Exercise for the Time-Impaired
Exercise for the Time-Impaired
The current exercise guidelines adopted by the US surgeon general and the American Heart Association (AHA) recommend at least 30 minutes of moderate activity each day, most days of the week (at least 4, preferably 6 to 7). Studies have shown that this is enough to reap noticeable health benefits. While we’re all busy and our time is precious, exercise shouldn’t be last on our list of priorities. And it doesn’t have to be. Thankfully, doing three to four bursts of 8-10 minutes of activity seems to provide the same effects as 30 continuous minutes. So if you can’t find a half-hour chunk of time, there’s still hope.
The following 10-minute activities will help you add moderate exercise into your routine without having to spend hours at the gym.
1. Do jumping jacks or jump rope before getting in the shower in the morning.
2. Jog in place.
3. Pump your arms in biceps curls while you briskly walk the halls of your office building, or take it outside, and walk around the block.
4. Walk or run the stairs.
While you’re out:
5. Park at the end of the mall farthest from the store you’re going to and, once inside, speed walk the length of the mall a couple of times before getting your shopping done. When you’re finished, take one more lap.
6. Push your empty cart quickly around the periphery of the grocery store and then up and down each aisle. Do your shopping and then repeat, this time with the resistance of a full cart.
Remember that the health benefits of exercise come from increasing the amount of oxygen in your blood stream and the only way to do this is to increase your heart rate. So make sure to complete these activities at a speed or effort that gets that heart going. But whatever activities you choose to do, have fun. Make exercise a regular part of your schedule and stick with it.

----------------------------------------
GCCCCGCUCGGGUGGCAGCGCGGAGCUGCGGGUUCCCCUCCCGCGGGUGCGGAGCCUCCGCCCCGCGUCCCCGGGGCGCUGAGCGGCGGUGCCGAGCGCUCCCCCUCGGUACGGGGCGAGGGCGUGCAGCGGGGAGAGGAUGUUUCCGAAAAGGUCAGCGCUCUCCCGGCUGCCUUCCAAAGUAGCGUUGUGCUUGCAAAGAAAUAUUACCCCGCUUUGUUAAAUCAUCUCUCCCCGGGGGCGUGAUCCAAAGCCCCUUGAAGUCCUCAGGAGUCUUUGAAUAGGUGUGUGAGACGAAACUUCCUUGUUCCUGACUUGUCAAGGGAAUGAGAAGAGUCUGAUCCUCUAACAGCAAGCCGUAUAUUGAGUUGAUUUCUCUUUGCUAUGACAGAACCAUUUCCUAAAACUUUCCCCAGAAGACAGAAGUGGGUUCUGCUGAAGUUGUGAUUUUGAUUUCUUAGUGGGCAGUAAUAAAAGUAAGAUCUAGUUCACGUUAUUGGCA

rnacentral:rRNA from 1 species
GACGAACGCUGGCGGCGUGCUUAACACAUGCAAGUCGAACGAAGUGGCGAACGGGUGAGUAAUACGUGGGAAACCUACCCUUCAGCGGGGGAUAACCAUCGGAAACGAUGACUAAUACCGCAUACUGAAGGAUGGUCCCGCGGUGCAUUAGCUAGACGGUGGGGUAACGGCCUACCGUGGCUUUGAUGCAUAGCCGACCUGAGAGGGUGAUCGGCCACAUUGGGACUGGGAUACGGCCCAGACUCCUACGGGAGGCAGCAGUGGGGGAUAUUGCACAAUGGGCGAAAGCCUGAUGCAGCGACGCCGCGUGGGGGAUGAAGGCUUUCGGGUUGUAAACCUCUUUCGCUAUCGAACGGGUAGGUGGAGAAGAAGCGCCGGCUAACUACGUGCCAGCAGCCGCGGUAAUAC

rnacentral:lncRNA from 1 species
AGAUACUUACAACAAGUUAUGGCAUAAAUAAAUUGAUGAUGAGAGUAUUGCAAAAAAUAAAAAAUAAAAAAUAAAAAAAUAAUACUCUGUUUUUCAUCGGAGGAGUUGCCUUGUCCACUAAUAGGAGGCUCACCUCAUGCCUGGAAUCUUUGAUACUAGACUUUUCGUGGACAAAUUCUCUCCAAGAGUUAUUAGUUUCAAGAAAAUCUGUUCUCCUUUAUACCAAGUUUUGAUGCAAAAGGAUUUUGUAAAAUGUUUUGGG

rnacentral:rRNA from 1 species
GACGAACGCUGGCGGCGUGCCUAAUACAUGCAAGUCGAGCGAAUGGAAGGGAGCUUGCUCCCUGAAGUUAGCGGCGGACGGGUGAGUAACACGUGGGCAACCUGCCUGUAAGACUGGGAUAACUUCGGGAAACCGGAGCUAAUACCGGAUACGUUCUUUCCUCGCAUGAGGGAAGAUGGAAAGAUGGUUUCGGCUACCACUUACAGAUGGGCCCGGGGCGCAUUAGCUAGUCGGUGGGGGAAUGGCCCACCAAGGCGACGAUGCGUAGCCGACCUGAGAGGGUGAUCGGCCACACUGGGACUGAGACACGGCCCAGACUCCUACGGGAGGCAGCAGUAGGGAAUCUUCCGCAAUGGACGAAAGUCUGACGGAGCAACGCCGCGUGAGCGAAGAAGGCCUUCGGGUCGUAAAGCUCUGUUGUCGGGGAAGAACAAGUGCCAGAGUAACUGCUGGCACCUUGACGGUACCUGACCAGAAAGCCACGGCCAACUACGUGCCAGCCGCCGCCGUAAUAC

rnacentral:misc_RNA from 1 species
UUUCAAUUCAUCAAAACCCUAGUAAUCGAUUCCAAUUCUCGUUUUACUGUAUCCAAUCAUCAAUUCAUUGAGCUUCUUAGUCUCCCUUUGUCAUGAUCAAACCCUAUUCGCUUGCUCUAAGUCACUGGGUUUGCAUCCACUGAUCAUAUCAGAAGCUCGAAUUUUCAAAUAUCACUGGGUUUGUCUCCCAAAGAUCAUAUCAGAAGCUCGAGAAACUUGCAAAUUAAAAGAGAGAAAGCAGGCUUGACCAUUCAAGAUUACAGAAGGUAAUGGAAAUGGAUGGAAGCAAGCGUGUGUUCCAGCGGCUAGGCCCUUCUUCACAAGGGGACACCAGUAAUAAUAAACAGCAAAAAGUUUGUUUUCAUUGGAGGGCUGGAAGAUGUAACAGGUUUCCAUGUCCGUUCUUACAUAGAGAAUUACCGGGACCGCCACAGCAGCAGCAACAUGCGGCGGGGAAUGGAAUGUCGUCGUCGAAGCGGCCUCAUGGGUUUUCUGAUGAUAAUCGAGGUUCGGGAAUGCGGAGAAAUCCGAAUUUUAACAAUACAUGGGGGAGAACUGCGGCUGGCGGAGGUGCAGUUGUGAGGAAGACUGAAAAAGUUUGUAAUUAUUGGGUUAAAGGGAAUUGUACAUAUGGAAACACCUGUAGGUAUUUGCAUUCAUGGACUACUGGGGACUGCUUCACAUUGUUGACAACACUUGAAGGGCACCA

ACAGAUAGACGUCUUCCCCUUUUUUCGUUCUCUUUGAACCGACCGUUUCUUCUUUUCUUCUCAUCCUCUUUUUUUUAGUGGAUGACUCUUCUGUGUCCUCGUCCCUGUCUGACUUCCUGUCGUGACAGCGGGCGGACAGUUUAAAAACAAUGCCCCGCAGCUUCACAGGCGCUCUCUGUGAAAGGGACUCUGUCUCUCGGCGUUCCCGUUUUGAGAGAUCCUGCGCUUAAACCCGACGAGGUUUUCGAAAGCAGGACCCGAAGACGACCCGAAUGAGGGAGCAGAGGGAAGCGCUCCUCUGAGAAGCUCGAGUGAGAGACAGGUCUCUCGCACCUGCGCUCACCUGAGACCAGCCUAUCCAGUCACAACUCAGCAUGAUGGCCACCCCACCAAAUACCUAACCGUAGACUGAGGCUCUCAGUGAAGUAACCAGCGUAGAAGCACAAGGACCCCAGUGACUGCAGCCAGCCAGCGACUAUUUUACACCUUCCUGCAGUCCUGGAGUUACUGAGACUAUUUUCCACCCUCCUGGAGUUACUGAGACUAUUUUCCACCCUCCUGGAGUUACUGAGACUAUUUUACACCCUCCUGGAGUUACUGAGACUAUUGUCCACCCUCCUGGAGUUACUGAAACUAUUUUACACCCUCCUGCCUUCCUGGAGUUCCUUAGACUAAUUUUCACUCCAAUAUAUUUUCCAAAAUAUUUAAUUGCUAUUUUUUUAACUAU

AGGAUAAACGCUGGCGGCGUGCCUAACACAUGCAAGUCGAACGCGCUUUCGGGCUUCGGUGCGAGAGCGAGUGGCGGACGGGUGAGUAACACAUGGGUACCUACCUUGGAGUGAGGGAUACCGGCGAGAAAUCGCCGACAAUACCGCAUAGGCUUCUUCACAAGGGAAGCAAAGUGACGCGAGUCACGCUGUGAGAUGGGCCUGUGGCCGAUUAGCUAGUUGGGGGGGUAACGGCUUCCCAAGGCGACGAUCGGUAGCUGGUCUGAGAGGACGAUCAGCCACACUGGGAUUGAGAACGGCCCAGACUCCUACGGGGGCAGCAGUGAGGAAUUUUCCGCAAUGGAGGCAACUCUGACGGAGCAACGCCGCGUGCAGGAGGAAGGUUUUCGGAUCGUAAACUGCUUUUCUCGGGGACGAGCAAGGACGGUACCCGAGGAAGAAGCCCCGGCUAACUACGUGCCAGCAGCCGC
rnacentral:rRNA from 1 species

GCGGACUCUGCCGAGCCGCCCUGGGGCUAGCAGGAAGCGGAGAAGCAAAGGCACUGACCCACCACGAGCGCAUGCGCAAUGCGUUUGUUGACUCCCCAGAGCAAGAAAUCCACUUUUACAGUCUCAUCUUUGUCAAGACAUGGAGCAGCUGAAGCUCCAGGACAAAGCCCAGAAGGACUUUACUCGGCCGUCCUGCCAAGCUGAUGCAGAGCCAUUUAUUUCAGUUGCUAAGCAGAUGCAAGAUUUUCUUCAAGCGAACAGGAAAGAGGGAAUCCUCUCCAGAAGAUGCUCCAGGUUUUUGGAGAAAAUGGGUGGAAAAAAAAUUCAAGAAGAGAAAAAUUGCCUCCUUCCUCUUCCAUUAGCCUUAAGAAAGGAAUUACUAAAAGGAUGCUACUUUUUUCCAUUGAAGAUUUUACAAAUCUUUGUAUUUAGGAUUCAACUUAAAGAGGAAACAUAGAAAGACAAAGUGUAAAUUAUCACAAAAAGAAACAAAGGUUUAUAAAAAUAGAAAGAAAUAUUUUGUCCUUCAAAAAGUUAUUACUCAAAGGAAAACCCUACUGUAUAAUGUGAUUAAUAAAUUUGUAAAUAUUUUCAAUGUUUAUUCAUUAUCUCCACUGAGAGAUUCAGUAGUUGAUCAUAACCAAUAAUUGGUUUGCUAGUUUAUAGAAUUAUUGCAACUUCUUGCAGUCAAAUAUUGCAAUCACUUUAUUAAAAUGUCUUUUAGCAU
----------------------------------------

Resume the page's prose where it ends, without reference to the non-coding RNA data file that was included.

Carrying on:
You won’t be sorry that you used some of that precious time to improve your fitness. And you’ll likely find that the rest of your time is more productive because you’ve gained focus and energy. The fitter you become, the easier you’ll handle any situation you face and the better prepared you’ll be to serve God at all times.
Exercise improves health. It can help you lose weight, strengthen your muscles and decrease your risk for a number of illnesses including heart disease, high blood pressure, diabetes and osteoporosis. Maybe you’ve heard all this before, but regular physical activity can also provide a number of immediate and long-term benefits we don’t normally think about. It turns out that regular exercise at a moderate level can improve mood and decrease anxiety, making us more pleasant to be around. It also helps us to increase our mental focus and memory, allowing us to be more productive and efficient in completing our daily work. In addition, it improves the quality of our sleep.
Need more motivation to get off that couch? New studies show that regular physical activity may decrease your risk of developing dementia and Alzheimer’s later in life.
Researchers aren’t the only ones suggesting we take better care of our bodies, though. God’s word clearly tells us that caring for our bodies is important. Our bodies are His temple. They are gifts he has given us, and we are meant to be good stewards of them, keeping them in the best condition possible during our time on this earth. Does this mean that we should focus all of our attention and effort on attaining the ideals we see in the movies and on the covers of magazines? No. Should we spend more time exercising than in God’s word? Again, no. But we certainly need to put some effort into making sure that we are at our fittest—not just spiritually and mentally but also physically —when God calls us. Will he use us if we’re overweight or if we eat junk food at every meal? Of course He will, because we are all imperfect and are made perfect only through Him. But how much better could we serve Him and others if we were healthier and had more energy? So get out there and get moving. You’ll be glad you did.